The problem with the Austrian school is that it's more of a philosophy than economics per se. Starting with a few axioms and then deductively working towards conclusions may work for math but it's a poor way to model human behavior.  That's probably the biggest reason why it's out of the mainstream economic thought.  Don't get me wrong, I think the rational choice theory is horribly wrong but it might be applicable in the aggregate in certain circumstances and there's been work on coming up with alternatives.  In the meantime, it does allow some work on mathematical economics to continue and is useful in that regards as long as everyone understands that things are based on a flawed assumption.

James Baum said:

I feel that if someone isn't getting a "living wage" they should find employment elsewhere.  Nobody is forced to work against their will in this country.  Whenever I hear the term "living wage" I usually just roll my eyes and shut my ears.  The speaker merely has an agenda that runs counter to my own.  Sometimes, when I look around at my fellow members of the riding community, it is shockingly clear that the concept of Austrian Economics is anathema to the progressive agenda of most bike activists.    


I guess well have to agree to disagree.  But I'll reserve the right to tip or not tip whomever I wish on my own free discretion.  If that upsets anyone's apple cart that is something they will have to deal with personally...

No one is a logical actor.  To pretend otherwise is bury your head in the sand.  Assuming that's the case lets you do some work and might give you something that is applicable in certain instances but in general will probably lead you badly astray.  If your theory makes assumptions that are fundamentally flawed without admitting it and working with the limitations due to the flaws then the problem is your theory and not with the world.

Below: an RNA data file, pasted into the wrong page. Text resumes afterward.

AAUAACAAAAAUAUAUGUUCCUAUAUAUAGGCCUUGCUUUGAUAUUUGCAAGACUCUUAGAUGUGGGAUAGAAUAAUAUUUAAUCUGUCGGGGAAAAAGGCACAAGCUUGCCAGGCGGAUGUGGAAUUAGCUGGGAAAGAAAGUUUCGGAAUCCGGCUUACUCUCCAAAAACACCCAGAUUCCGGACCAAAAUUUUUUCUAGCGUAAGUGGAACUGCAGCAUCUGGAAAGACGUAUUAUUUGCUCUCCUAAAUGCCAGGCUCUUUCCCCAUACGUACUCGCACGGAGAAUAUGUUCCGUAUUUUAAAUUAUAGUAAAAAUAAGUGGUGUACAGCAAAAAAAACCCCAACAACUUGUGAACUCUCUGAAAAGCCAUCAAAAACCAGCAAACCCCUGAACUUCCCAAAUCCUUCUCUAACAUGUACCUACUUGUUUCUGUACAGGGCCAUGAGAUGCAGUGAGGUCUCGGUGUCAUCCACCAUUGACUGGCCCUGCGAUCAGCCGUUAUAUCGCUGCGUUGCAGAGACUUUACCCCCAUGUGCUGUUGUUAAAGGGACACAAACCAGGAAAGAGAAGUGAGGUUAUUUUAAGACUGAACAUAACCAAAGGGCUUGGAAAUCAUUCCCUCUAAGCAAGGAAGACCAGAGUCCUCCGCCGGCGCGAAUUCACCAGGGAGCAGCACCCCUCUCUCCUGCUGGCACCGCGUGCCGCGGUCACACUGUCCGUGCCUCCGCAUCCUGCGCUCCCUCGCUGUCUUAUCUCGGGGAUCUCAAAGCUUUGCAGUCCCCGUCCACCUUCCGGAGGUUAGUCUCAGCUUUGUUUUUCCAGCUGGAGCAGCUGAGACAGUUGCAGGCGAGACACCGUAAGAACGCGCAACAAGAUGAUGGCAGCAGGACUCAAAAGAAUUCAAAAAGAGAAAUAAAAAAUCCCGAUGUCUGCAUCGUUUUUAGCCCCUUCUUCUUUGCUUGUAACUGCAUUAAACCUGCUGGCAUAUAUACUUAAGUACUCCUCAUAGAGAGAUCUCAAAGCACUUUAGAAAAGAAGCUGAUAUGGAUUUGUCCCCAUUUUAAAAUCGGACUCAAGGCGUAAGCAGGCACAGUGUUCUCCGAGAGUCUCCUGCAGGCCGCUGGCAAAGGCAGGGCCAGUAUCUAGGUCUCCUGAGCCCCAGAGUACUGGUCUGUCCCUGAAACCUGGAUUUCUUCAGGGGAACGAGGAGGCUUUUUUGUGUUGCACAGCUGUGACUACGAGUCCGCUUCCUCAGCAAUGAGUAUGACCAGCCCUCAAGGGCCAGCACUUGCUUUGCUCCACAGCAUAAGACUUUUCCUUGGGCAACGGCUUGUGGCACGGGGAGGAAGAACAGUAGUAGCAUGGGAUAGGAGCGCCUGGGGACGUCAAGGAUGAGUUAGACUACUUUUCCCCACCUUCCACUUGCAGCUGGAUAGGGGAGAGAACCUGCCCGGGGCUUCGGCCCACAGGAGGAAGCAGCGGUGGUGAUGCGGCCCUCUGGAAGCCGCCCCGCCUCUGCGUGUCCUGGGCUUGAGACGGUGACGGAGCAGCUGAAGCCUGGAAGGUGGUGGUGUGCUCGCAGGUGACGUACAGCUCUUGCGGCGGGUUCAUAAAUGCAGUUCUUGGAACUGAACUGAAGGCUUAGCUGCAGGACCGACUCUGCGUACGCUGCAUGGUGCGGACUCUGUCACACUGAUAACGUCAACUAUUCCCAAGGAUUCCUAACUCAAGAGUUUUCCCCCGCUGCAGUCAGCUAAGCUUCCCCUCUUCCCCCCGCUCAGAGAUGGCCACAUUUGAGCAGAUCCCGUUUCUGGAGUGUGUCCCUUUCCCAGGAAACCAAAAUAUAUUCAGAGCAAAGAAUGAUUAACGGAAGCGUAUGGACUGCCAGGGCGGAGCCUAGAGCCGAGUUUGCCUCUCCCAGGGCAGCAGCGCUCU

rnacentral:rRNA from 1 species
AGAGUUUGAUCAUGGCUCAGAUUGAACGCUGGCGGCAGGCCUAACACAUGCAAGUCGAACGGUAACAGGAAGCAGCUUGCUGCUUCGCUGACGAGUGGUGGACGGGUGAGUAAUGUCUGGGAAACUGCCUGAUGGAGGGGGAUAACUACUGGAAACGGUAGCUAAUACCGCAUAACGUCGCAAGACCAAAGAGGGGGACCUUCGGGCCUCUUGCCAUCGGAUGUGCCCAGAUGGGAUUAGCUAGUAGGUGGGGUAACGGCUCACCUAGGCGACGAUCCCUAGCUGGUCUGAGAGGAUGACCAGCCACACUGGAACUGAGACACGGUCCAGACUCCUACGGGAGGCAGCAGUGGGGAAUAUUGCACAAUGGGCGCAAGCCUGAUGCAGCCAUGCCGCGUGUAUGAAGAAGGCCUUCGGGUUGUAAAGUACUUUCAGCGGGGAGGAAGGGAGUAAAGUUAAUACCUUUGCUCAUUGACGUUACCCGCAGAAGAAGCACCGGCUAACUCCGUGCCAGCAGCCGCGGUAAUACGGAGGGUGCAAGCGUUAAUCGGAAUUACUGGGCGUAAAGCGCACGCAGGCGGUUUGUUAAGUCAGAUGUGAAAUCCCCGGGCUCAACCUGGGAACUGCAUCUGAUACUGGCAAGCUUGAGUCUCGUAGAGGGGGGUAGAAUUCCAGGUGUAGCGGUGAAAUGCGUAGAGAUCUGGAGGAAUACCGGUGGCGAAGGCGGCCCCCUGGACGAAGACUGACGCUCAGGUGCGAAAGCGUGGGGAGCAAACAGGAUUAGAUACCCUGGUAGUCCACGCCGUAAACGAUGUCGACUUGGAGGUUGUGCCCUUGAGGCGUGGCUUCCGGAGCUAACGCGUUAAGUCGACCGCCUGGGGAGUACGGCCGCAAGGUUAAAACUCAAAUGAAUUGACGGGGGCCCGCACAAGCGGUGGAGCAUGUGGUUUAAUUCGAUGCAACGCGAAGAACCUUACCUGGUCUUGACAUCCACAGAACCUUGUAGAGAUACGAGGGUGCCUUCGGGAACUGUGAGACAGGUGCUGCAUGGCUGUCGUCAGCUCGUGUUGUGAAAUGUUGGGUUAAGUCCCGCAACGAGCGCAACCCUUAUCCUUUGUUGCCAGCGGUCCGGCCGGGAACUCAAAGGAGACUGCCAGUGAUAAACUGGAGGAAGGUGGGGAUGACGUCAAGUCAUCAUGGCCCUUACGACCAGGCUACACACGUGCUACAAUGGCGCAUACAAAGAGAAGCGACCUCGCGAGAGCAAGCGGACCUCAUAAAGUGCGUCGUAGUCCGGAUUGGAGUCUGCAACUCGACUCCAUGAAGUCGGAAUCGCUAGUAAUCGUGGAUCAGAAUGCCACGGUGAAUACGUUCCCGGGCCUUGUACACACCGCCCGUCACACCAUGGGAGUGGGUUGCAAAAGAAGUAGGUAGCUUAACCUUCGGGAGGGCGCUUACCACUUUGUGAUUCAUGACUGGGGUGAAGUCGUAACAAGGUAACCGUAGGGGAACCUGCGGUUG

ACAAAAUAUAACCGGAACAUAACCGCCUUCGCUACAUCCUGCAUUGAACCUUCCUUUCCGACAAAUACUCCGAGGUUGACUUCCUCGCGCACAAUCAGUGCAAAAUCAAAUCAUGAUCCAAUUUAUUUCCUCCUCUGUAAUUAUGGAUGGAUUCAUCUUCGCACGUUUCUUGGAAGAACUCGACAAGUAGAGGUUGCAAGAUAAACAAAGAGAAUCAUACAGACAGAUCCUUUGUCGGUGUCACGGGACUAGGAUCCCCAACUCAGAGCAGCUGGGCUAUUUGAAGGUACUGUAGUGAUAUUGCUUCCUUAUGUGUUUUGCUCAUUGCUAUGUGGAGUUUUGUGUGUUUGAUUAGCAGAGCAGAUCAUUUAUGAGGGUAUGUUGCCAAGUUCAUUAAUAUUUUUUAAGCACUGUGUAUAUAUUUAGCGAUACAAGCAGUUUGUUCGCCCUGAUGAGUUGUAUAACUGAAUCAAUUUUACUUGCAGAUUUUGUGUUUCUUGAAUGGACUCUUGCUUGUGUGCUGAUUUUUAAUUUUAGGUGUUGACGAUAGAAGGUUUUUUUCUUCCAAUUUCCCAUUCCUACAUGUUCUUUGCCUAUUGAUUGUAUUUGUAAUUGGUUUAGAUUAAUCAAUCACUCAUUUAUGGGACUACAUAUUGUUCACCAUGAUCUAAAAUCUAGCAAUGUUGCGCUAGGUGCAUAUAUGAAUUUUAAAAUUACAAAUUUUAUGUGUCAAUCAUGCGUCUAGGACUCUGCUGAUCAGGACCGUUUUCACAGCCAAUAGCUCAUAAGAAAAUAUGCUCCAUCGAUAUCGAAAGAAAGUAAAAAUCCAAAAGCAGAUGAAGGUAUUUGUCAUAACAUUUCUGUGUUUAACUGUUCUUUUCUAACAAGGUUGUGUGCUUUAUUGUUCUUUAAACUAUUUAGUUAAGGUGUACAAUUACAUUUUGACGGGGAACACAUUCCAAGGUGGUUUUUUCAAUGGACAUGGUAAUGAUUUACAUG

To build on your thermodynamics analogy, classical statistical mechanics results in the ultraviolet catastrophe being predicted.  When this result came out, physicists didn't run around claiming that because it didn't happen in real life, it was the world's problem.  They worked on figuring out what was wrong in the theory.  (If it matters, turns out quantization of energy reduces the vibrational modes and that solves things).

James Baum said:

I don't feel it is my problem if someone isn't a logical actor.  Life is harsh...

If a shop has a tip jar (in my experience a lot of them don't), I usually drop something in, the amount varying greatly depending on the circumstances.  It's both appreciation of good work and also doing my bit to keep the salaries of good bike mechanics high enough to keep them around.


Absent a tip jar, though, I'm kind of uncomfortable with walking up to somebody and handing them money in that kind of situation. The tip jar sort of eases the social uncertainty or something.


Also, to go back to the original post, I think work done under warranty is a bit different.  Something outstanding might deserve a bit extra, but in this case you've really paid for the work upfront. I think I'd be much less likely to tip well in that situation.

April said: